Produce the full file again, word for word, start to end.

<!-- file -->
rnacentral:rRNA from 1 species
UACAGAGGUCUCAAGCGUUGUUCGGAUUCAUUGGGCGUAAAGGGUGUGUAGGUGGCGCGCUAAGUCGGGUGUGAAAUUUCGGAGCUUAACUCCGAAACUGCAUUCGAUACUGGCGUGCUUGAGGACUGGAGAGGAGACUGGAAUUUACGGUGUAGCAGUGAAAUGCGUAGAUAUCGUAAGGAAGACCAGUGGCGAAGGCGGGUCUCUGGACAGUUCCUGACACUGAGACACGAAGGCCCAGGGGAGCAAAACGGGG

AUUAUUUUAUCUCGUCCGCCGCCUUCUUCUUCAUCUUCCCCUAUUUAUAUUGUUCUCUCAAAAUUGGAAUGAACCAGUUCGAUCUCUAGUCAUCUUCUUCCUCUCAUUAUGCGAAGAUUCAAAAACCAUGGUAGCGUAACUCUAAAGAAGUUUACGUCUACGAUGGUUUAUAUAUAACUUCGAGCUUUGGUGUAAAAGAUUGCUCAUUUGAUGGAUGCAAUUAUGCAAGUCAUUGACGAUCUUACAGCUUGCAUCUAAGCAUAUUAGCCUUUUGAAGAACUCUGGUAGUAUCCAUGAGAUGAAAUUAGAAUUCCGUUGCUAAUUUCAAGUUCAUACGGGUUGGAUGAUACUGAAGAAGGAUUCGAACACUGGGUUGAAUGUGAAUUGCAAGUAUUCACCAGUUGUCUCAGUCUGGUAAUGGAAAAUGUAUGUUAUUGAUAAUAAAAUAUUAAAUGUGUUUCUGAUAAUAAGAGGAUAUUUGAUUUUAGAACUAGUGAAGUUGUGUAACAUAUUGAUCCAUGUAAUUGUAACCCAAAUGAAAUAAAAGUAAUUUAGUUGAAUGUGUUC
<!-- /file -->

rnacentral:rRNA from 1 species
UACAGAGGUCUCAAGCGUUGUUCGGAUUCAUUGGGCGUAAAGGGUGUGUAGGUGGCGCGCUAAGUCGGGUGUGAAAUUUCGGAGCUUAACUCCGAAACUGCAUUCGAUACUGGCGUGCUUGAGGACUGGAGAGGAGACUGGAAUUUACGGUGUAGCAGUGAAAUGCGUAGAUAUCGUAAGGAAGACCAGUGGCGAAGGCGGGUCUCUGGACAGUUCCUGACACUGAGACACGAAGGCCCAGGGGAGCAAAACGGGG

AUUAUUUUAUCUCGUCCGCCGCCUUCUUCUUCAUCUUCCCCUAUUUAUAUUGUUCUCUCAAAAUUGGAAUGAACCAGUUCGAUCUCUAGUCAUCUUCUUCCUCUCAUUAUGCGAAGAUUCAAAAACCAUGGUAGCGUAACUCUAAAGAAGUUUACGUCUACGAUGGUUUAUAUAUAACUUCGAGCUUUGGUGUAAAAGAUUGCUCAUUUGAUGGAUGCAAUUAUGCAAGUCAUUGACGAUCUUACAGCUUGCAUCUAAGCAUAUUAGCCUUUUGAAGAACUCUGGUAGUAUCCAUGAGAUGAAAUUAGAAUUCCGUUGCUAAUUUCAAGUUCAUACGGGUUGGAUGAUACUGAAGAAGGAUUCGAACACUGGGUUGAAUGUGAAUUGCAAGUAUUCACCAGUUGUCUCAGUCUGGUAAUGGAAAAUGUAUGUUAUUGAUAAUAAAAUAUUAAAUGUGUUUCUGAUAAUAAGAGGAUAUUUGAUUUUAGAACUAGUGAAGUUGUGUAACAUAUUGAUCCAUGUAAUUGUAACCCAAAUGAAAUAAAAGUAAUUUAGUUGAAUGUGUUC